One of my fellow West Virginia University alums who joins me to watch football games is also in the communications industry. We were talking about social media recently while our Mountaineers were playing, and he said something that I’ve heard plenty of times before.
“We really need to figure out how to best reach the teen market, but we know they don’t use Facebook anymore.”
The Lee Corso came out in me.
“Not so fast, my friend!” I said, mimicking the ESPN College Gameday analyst. “What data do you have to back that assertion up, because I can probably counter it with some solid evidence you’re wrong.”
As with most marketers these days, my friend was passing along an assumption. He had no evidence other than his own daughter’s eye-rolls when Facebook is the topic of conversation and the broad assumptions we all make without data to back it up.
As it happens, Forrester’s latest brief is entitled, “Facebook (Still) Dominates Teens’ Social Usage.” Ya hear that? Dominates. The report acknowledged that fewer teens think Facebook is cooler (65%) than other sites like YouTube, Snapchat and Instagram. But more than 60% of young Facebook users say it’s the social site they use most. More than one-third say they’re on the site “all the time.”
So, it’s not as cool, but they sure do use it. I guess that makes Facebook the Ford Taurus of social networks. We’d all rather be driving a Benz or a Beemer, but this will get us where we need to go.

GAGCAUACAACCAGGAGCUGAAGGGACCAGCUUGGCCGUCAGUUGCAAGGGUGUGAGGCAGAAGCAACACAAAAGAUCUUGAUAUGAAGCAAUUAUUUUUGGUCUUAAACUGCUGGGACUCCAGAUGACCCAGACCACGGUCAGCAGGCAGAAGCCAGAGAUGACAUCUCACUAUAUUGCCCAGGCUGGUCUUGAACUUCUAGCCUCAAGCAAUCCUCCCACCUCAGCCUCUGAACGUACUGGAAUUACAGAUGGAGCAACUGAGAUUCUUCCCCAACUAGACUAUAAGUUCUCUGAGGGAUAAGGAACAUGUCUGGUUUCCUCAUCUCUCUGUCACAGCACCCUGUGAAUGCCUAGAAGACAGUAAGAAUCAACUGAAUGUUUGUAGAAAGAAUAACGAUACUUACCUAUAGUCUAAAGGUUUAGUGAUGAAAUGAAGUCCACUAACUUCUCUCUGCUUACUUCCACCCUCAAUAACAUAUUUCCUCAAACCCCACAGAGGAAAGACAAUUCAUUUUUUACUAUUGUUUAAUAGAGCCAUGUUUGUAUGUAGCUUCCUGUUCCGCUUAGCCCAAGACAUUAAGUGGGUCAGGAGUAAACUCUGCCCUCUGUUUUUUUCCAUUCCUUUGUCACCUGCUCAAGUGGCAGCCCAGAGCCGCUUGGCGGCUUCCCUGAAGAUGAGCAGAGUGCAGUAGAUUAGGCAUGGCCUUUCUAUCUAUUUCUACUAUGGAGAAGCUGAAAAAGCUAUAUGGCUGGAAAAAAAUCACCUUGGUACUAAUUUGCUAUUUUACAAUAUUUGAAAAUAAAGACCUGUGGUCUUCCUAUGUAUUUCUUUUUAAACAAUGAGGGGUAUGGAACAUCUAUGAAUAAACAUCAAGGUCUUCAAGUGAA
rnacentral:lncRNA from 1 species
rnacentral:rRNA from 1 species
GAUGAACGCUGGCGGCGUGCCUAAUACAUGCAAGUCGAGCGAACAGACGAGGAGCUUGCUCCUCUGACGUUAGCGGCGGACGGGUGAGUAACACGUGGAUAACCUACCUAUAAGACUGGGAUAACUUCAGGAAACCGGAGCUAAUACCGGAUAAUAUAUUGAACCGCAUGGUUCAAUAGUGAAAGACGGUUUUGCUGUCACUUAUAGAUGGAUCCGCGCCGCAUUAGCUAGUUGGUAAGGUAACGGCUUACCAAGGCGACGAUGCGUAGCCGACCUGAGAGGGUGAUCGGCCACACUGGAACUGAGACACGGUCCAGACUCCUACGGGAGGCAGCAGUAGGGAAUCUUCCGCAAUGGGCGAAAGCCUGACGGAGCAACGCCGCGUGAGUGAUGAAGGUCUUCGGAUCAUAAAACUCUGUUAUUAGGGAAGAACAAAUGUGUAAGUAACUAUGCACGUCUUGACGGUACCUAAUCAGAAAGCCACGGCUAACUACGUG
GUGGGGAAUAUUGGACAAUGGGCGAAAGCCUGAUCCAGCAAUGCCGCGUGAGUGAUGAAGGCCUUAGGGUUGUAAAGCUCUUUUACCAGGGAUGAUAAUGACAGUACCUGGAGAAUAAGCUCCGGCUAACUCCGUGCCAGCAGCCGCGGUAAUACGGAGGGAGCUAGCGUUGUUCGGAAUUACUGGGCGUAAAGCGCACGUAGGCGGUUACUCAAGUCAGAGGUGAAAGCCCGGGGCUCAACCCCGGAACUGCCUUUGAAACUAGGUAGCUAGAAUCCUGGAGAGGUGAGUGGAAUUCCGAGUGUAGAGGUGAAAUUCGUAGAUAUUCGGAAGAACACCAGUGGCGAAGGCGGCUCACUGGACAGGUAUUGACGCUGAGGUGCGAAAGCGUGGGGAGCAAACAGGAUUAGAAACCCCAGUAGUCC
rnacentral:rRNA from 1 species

Still, we shouldn’t fall off the other side of the assumption bandwagon. Snapchat and Instagram beat Facebook out for the social media tools teens say are most important for keeping up with friends. When asked that question, Snapchat (74%) and Instagram (70%) beat Facebook (66%) when looking at how many rated the network either a 4 or 5 on a five-point importance scale.
Is Facebook a good place to try to reach teens? Yes. Is it waning? No. Are there also other networks that are good uses of your resources for reaching this audience? Yes, definitely.
So, what did you think about teens on Facebook before reading this? Would you have needed a “Not so fast, my friend?” If you resist assumptions and rely on data, you make better decisions.
And gooooooooo Mountaineers, too.